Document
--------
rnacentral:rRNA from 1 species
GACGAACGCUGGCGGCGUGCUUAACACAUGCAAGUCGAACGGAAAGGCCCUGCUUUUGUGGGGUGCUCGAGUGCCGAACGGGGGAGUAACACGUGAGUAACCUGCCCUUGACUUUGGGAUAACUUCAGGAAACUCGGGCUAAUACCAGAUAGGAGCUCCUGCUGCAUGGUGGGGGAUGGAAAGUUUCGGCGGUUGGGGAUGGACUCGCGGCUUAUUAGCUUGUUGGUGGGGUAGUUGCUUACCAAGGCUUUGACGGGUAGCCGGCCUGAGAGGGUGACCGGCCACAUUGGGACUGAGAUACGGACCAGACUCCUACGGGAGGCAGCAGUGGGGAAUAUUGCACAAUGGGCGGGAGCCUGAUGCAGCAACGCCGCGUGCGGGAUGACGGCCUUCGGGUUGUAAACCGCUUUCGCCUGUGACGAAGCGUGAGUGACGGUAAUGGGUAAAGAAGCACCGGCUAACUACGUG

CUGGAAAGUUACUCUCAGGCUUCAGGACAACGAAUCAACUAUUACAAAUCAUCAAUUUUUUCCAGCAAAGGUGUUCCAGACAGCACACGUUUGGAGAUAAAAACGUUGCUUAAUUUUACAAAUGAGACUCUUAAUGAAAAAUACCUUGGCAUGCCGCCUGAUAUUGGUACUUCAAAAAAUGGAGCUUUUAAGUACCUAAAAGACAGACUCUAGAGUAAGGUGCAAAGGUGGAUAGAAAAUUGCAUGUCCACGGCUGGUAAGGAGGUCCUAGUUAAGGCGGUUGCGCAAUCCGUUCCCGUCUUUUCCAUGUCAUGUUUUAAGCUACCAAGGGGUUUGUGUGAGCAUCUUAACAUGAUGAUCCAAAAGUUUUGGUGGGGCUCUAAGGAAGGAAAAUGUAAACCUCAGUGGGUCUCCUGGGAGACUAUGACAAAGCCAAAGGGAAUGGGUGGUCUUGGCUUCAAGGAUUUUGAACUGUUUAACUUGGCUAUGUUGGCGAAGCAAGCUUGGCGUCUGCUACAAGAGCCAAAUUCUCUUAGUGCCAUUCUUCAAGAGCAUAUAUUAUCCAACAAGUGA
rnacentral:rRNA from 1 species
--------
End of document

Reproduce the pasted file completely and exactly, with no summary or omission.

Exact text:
rnacentral:rRNA from 1 species
GACGAACGCUGGCGGCGUGCUUAACACAUGCAAGUCGAACGGAAAGGCCCUGCUUUUGUGGGGUGCUCGAGUGCCGAACGGGGGAGUAACACGUGAGUAACCUGCCCUUGACUUUGGGAUAACUUCAGGAAACUCGGGCUAAUACCAGAUAGGAGCUCCUGCUGCAUGGUGGGGGAUGGAAAGUUUCGGCGGUUGGGGAUGGACUCGCGGCUUAUUAGCUUGUUGGUGGGGUAGUUGCUUACCAAGGCUUUGACGGGUAGCCGGCCUGAGAGGGUGACCGGCCACAUUGGGACUGAGAUACGGACCAGACUCCUACGGGAGGCAGCAGUGGGGAAUAUUGCACAAUGGGCGGGAGCCUGAUGCAGCAACGCCGCGUGCGGGAUGACGGCCUUCGGGUUGUAAACCGCUUUCGCCUGUGACGAAGCGUGAGUGACGGUAAUGGGUAAAGAAGCACCGGCUAACUACGUG

CUGGAAAGUUACUCUCAGGCUUCAGGACAACGAAUCAACUAUUACAAAUCAUCAAUUUUUUCCAGCAAAGGUGUUCCAGACAGCACACGUUUGGAGAUAAAAACGUUGCUUAAUUUUACAAAUGAGACUCUUAAUGAAAAAUACCUUGGCAUGCCGCCUGAUAUUGGUACUUCAAAAAAUGGAGCUUUUAAGUACCUAAAAGACAGACUCUAGAGUAAGGUGCAAAGGUGGAUAGAAAAUUGCAUGUCCACGGCUGGUAAGGAGGUCCUAGUUAAGGCGGUUGCGCAAUCCGUUCCCGUCUUUUCCAUGUCAUGUUUUAAGCUACCAAGGGGUUUGUGUGAGCAUCUUAACAUGAUGAUCCAAAAGUUUUGGUGGGGCUCUAAGGAAGGAAAAUGUAAACCUCAGUGGGUCUCCUGGGAGACUAUGACAAAGCCAAAGGGAAUGGGUGGUCUUGGCUUCAAGGAUUUUGAACUGUUUAACUUGGCUAUGUUGGCGAAGCAAGCUUGGCGUCUGCUACAAGAGCCAAAUUCUCUUAGUGCCAUUCUUCAAGAGCAUAUAUUAUCCAACAAGUGA
rnacentral:rRNA from 1 species